From Wadi Rum it was a short drive to the Red Sea port of Aqaba. We'd booked ourselves a couple of nights in a 5 star resort for some relaxation and a rest from sand and bugs. We got the room free with loyalty points, and then were pretty chuffed to be upgraded to a luxury suite, which was larger than our Camden flat with 2 huge TVs, a walk in wardrobe, double shower etc. etc. Heaven! Although after 2 days of lounging by the pool we were missing Brenda and ready to leave.
So, on to Egypt. We had to take a short ferry ride across the Gulf of Aqaba to Egypt as the land route goes through Israel with stamps in the passport which prevent you from entering Sudan. The fast tourist ferry wasn't running as there are few tourists since the revolution so we had to brave it on the midnight trucker ferry. It was a bit of an ordeal. There was an immigration desk on board where everyone had to get their passport stamped and the "queue" was more like a brawl. It only settled down after the immigration officer shot his arm out through the small hole in his screen and managed to grab one guy by the collar and gave him a good shake! After some more angry shouting in Arabic the men suddenly formed a single line which we were told to go to the front of. It's kind of embarrassing, but v convenient that as a westerner you are given VIP treatment all the time.
We'd heard some bad stories about crossing the border into Egypt so were prepared to have to pay a lot of baksheesh, however it was not so bad at all. Its incredibly bureaucratic taking 2 hours to complete all the paper work, but we actually paid about half as much in 'tax' as we'd been told to expect. An Egyptian we met suggested this is because after the revolution everyone wants to make a fresh start and behave honestly, so were charging the correct prices for a change. Its wonderful if that is the case.
We spent a few days chilling out on the Sinai coast at Dahab. Nick's birthday was celebrated with the best of British (a bottle of Glenfiddich and a Cadbury's dairy milk) and a day of sport climbing on a dried-up waterfall cliff. Next we drove inland to St Katherine at the foot of Mt Sinai. Nick earned our keep at the campsite by coming to the aid of the manager who was complaining about a broken lock. Nick managed to fix the lock with just his pen-knife which seriously impressed the locals. They kept complementing me on my 'husband' the great mechanic!
Whilst there we did a trad climbing route up the NW face of Mt Sinai using some rather vague directions from the internet. It turned into a bit of an epic - each pitch was 50m long, and the second pitch was a near vertical off-width crack which poor Nick had to lead by jamming various body parts into the crack and preying they wouldn't slip as he leveraged himself up it. I did the same pitch in safety as he was belaying me from above, but I was still in tears of fear and frustration. Unfortunately we couldn't find anywhere to abseil off from the second belay anchor so we had to go on up the 3rd pitch which was possibly even harder. Nick had to lead up a 10m vertical half-pipe with no hand holds and no protection, bridging all the way. We finally found an abseil sling which we backed-up with our own gear and abseiled 60m down to another precarious abseil, from where we were able to abseil down to the bottom. I have never been so happy to feel solid ground under my feet and I vowed never to climb again. In retrospect, we were never in much danger, but it didn't feel that way at the time.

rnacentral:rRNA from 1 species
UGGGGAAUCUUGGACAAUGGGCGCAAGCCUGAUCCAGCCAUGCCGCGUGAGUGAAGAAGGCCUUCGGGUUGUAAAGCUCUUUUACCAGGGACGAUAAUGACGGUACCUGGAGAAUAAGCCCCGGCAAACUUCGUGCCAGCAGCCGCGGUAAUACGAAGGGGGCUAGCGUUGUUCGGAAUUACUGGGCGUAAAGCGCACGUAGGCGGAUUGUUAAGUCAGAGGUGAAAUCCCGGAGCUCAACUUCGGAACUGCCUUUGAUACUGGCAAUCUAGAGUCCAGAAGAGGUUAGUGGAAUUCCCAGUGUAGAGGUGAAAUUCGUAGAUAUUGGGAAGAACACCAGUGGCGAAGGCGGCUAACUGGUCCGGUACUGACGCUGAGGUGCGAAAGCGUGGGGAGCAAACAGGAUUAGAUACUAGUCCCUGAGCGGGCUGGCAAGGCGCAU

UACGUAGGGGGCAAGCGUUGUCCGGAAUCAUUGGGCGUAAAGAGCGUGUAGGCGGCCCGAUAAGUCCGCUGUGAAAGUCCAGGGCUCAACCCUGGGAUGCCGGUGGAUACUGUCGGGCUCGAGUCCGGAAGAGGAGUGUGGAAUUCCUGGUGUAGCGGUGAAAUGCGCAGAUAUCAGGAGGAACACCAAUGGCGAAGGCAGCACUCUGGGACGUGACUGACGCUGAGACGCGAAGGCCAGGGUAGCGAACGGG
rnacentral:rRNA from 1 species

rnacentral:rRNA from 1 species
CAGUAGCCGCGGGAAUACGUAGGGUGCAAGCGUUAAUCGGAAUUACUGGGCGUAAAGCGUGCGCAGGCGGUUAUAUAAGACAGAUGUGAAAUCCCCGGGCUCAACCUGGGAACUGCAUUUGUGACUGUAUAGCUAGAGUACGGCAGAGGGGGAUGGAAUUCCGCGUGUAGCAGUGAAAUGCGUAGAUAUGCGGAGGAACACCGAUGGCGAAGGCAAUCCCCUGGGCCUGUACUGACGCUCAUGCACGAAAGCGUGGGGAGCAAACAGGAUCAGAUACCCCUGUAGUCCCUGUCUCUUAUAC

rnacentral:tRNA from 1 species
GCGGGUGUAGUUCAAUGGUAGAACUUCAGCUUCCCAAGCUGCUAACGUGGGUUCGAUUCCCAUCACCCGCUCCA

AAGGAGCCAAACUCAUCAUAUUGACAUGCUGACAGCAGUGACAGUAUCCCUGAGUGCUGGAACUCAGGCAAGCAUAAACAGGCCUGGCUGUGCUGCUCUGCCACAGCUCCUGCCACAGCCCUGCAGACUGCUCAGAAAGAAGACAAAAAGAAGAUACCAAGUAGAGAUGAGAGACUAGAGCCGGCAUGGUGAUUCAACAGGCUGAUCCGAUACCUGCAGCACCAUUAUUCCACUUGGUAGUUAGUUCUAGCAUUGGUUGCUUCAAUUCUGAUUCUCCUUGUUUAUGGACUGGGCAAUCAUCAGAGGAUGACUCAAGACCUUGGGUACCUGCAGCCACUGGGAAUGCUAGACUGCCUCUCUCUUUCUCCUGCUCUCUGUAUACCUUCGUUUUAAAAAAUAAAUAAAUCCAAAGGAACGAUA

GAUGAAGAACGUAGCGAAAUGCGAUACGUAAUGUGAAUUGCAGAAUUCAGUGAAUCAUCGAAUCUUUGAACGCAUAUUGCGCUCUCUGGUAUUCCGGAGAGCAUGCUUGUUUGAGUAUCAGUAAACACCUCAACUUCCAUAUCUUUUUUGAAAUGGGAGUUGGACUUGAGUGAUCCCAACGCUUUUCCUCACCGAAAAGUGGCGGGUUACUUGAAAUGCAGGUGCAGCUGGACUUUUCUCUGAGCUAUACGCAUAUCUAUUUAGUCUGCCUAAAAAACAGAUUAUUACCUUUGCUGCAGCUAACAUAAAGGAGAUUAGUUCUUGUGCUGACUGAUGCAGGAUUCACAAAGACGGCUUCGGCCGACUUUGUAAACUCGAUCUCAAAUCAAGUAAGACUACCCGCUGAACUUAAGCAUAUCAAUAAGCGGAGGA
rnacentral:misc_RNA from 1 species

The next day we drove across the Sinai peninsula and under the Suez canal to Cairo. As we approached Cairo, an unseasonal downpour began. The traffic had been crazy already, but became even more dangerous as cars swerved to avoid gushing rivers that were forming down the side of the motorway. We passed several over-turned lorries with their contents sprawled over the road. We made it safely to a camp-site on the outskirts of Cairo, which is pretty feral with loads of mozzies, but preferable to having to drive Brenda into the centre.
It's amazing to spend time in Cairo so soon after the revolution. Everyone we meet has a story to tell and many of them spent weeks camped out at Tahrir Square. We visited the square ourselves and saw the burnt down office blocks which used to house the security police. It is really moving to hear about what people have been through and how proud and hopeful they are for a better future. Many of the cars have stickers on the back saying '25th January - I was there' or 'proud to be an Egyptian'.
On the other hand, the complete absence of other tourists is a mixed blessing as it means that we have the attentions ofCairo's con-men and touts entirely to ourselves! Visiting the Giza pyramids was a bit of a downer, with so many horse and camel men hassling us the whole way round.
We took the opportunity in Cairo to apply for Sudan visas which was surprisingly easy. They require a letter of introduction from the British embassy, but amusingly the British embassy charges you £30 for a letter addressed to the Sudan embassy which says "We do not issue letters of introduction as a British passport should be sufficient" - however this letter seems to satisfy the Sudanese who blatantly don't read anything they're given. The visa form requires you to have a Sudanese sponsor with address and signature, but they didn't seem to notice that we had filled in the address of a campsite in Khartoum and our own signatures.
Now we are trying to get a booking on the weekly Lake Nasser ferry into Sudan (the only route) but no luck so far as it is booked up with large numbers of Sudanese fleeing from Libya. To be continued…